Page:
Just that the concept of honesty fascinates me, especially the idea of a person being honest with themselves. To be able to identify with someone in such a warped state of mind is an unpleasantly strange feeling.
It wasn't a nice book. It wasn't even a great book. But it was certainly compelling.

Nice one Bon. Hope you like Evelina. ;O)

BTW, my two favourite first sentences are from:-

1) Pride and Prejudice - Jane Austen
2) Confessions of a Dangerous Mind - Chuck Barris

But I'll blog about them later.

Saturday, May 17, 2008


I don't know about you, but I would go to the zoo to see something like this. ---------------->

Most days I wake up with it parked on my chest staring into my eyes even before they are open.

She smells like kisses and perhaps just faintly like cat biscuits too.

During the last 4 years, I've learnt to sleep flat on my back in order to accommodate Poppy's love affair with my neck, despite the discomfort it causes me. Sometimes I hear her arriving on the bed and think,

"Oh noooo...I'm so comfortable on my side...", yet the instant that first white pompom touches me, I rearrange myself happily.

I wonder if that counts towards my karma somewhere?

She's currently sitting on me as I type this, with her face tucked under my chin, my left arm encircling and supporting her, thereby disallowing any use of capital letters and my comfort in general.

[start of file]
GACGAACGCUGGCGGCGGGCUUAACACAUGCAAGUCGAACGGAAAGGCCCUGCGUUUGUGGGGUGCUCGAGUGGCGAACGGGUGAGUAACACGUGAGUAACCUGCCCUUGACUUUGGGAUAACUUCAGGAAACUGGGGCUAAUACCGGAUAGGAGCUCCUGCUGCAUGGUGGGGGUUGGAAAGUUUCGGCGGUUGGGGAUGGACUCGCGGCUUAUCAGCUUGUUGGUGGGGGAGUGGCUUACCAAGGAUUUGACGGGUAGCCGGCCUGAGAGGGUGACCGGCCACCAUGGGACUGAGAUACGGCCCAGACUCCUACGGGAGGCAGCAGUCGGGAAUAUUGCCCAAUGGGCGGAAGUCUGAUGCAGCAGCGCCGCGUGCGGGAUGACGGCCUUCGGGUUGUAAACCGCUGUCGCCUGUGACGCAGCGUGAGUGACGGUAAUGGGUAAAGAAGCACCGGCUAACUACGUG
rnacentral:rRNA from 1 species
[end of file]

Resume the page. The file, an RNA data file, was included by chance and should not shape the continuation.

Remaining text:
Not a bad turn around for a flea ridden gutter waif.

Hooray for Pompoms.

Wednesday, May 14, 2008

Start the car!

Start the car, I have our next two weekends planned.

I'm sorry I had to do this to you twice in one day, but my copy of NOVA wouldn't fit in the bin properly and was loitering with intent next to me here, tempting me to see if I could do better than the cow pooh lady.

And I certainly can.

Unfortunately, we have all missed out on the SACRED PROSTITUTE FILM SCREENING, which was last Friday at 7:30 in Bronte.
Hands up who thinks that they meant the suburb of Bronte by the way?
Mine are in the down position.

Damn! We could have all had a great night out together.

Actually, to be fair, it sounded quite interesting. But then doesn't it always?
A doco about the link between exploitative sexuality and spirituality involving interviews with a rabbi, sex teachers, a Tibetan Buddhist lama, porn stars and a shaman.
Natural enemies in the wild, you would think.

But anyway, at least we can still make it to the SACRED SEXUALITY INTERACTIONS workshop next Saturday. I'll bet that's in Bronte too, 'eh.
Apparently, we can learn to feel more receptive sexually by ignoring our genitals in a large group.
Uh huh.

Good, so I'll pick you up at 1pm, it starts at 2pm and we'll all just ignore our genitals until around 5:30pm and then I'm thinking maybe Leb for dinner on Cleveland Street. Nada's is the best.

Then the following Saturday and Sunday, I'm not too sure where we need to go exactly, but once we get there we will be able to discover more about our galactic neighbours and friends.